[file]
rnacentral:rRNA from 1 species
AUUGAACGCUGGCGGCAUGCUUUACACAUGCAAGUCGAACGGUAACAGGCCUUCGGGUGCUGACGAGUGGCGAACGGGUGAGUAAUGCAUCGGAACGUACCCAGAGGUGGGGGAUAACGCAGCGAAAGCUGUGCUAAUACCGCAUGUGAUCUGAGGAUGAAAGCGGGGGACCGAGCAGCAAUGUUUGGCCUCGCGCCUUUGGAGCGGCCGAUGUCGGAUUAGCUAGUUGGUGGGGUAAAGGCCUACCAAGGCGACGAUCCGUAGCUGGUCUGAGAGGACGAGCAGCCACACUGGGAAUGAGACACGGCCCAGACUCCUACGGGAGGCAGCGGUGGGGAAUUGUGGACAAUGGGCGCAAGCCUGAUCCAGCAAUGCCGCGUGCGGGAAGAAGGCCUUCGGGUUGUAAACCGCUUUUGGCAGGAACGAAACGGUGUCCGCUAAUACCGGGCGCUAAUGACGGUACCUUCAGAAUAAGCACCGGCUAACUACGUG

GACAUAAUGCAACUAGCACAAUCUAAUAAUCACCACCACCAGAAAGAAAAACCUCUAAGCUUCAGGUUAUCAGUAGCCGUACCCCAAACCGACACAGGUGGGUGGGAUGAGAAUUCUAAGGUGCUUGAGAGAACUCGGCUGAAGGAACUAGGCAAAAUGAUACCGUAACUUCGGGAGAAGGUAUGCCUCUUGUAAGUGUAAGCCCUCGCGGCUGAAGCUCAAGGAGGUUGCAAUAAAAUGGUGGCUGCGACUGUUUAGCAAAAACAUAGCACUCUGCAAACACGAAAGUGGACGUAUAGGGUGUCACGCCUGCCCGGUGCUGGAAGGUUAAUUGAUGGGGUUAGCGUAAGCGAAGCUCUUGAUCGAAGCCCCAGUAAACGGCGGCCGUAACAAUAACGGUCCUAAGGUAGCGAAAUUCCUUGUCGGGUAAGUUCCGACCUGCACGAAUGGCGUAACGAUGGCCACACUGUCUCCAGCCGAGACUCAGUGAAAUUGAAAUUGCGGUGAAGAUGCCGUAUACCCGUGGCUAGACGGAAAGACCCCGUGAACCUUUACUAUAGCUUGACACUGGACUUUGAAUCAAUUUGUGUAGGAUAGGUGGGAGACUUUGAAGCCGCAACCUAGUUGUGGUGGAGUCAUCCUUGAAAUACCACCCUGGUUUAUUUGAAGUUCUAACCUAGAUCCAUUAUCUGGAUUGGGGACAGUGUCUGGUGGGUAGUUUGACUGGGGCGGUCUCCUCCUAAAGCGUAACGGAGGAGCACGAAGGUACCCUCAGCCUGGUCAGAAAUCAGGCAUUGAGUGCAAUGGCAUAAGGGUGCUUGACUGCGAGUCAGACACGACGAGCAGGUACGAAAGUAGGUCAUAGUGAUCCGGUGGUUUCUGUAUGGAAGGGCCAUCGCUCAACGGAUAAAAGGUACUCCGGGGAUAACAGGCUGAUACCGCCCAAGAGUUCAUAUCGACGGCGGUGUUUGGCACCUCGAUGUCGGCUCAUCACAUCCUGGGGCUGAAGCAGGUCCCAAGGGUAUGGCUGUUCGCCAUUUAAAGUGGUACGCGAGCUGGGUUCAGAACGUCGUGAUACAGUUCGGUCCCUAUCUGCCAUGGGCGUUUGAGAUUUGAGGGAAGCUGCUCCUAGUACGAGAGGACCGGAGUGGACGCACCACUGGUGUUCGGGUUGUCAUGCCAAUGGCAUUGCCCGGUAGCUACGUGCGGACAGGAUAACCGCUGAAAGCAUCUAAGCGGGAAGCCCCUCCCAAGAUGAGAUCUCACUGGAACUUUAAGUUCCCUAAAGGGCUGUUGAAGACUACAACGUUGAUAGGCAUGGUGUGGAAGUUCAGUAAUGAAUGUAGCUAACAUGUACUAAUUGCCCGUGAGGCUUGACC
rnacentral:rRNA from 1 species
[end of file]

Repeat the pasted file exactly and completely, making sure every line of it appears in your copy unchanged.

rnacentral:rRNA from 1 species
AUUGAACGCUGGCGGCAUGCUUUACACAUGCAAGUCGAACGGUAACAGGCCUUCGGGUGCUGACGAGUGGCGAACGGGUGAGUAAUGCAUCGGAACGUACCCAGAGGUGGGGGAUAACGCAGCGAAAGCUGUGCUAAUACCGCAUGUGAUCUGAGGAUGAAAGCGGGGGACCGAGCAGCAAUGUUUGGCCUCGCGCCUUUGGAGCGGCCGAUGUCGGAUUAGCUAGUUGGUGGGGUAAAGGCCUACCAAGGCGACGAUCCGUAGCUGGUCUGAGAGGACGAGCAGCCACACUGGGAAUGAGACACGGCCCAGACUCCUACGGGAGGCAGCGGUGGGGAAUUGUGGACAAUGGGCGCAAGCCUGAUCCAGCAAUGCCGCGUGCGGGAAGAAGGCCUUCGGGUUGUAAACCGCUUUUGGCAGGAACGAAACGGUGUCCGCUAAUACCGGGCGCUAAUGACGGUACCUUCAGAAUAAGCACCGGCUAACUACGUG

GACAUAAUGCAACUAGCACAAUCUAAUAAUCACCACCACCAGAAAGAAAAACCUCUAAGCUUCAGGUUAUCAGUAGCCGUACCCCAAACCGACACAGGUGGGUGGGAUGAGAAUUCUAAGGUGCUUGAGAGAACUCGGCUGAAGGAACUAGGCAAAAUGAUACCGUAACUUCGGGAGAAGGUAUGCCUCUUGUAAGUGUAAGCCCUCGCGGCUGAAGCUCAAGGAGGUUGCAAUAAAAUGGUGGCUGCGACUGUUUAGCAAAAACAUAGCACUCUGCAAACACGAAAGUGGACGUAUAGGGUGUCACGCCUGCCCGGUGCUGGAAGGUUAAUUGAUGGGGUUAGCGUAAGCGAAGCUCUUGAUCGAAGCCCCAGUAAACGGCGGCCGUAACAAUAACGGUCCUAAGGUAGCGAAAUUCCUUGUCGGGUAAGUUCCGACCUGCACGAAUGGCGUAACGAUGGCCACACUGUCUCCAGCCGAGACUCAGUGAAAUUGAAAUUGCGGUGAAGAUGCCGUAUACCCGUGGCUAGACGGAAAGACCCCGUGAACCUUUACUAUAGCUUGACACUGGACUUUGAAUCAAUUUGUGUAGGAUAGGUGGGAGACUUUGAAGCCGCAACCUAGUUGUGGUGGAGUCAUCCUUGAAAUACCACCCUGGUUUAUUUGAAGUUCUAACCUAGAUCCAUUAUCUGGAUUGGGGACAGUGUCUGGUGGGUAGUUUGACUGGGGCGGUCUCCUCCUAAAGCGUAACGGAGGAGCACGAAGGUACCCUCAGCCUGGUCAGAAAUCAGGCAUUGAGUGCAAUGGCAUAAGGGUGCUUGACUGCGAGUCAGACACGACGAGCAGGUACGAAAGUAGGUCAUAGUGAUCCGGUGGUUUCUGUAUGGAAGGGCCAUCGCUCAACGGAUAAAAGGUACUCCGGGGAUAACAGGCUGAUACCGCCCAAGAGUUCAUAUCGACGGCGGUGUUUGGCACCUCGAUGUCGGCUCAUCACAUCCUGGGGCUGAAGCAGGUCCCAAGGGUAUGGCUGUUCGCCAUUUAAAGUGGUACGCGAGCUGGGUUCAGAACGUCGUGAUACAGUUCGGUCCCUAUCUGCCAUGGGCGUUUGAGAUUUGAGGGAAGCUGCUCCUAGUACGAGAGGACCGGAGUGGACGCACCACUGGUGUUCGGGUUGUCAUGCCAAUGGCAUUGCCCGGUAGCUACGUGCGGACAGGAUAACCGCUGAAAGCAUCUAAGCGGGAAGCCCCUCCCAAGAUGAGAUCUCACUGGAACUUUAAGUUCCCUAAAGGGCUGUUGAAGACUACAACGUUGAUAGGCAUGGUGUGGAAGUUCAGUAAUGAAUGUAGCUAACAUGUACUAAUUGCCCGUGAGGCUUGACC
rnacentral:rRNA from 1 species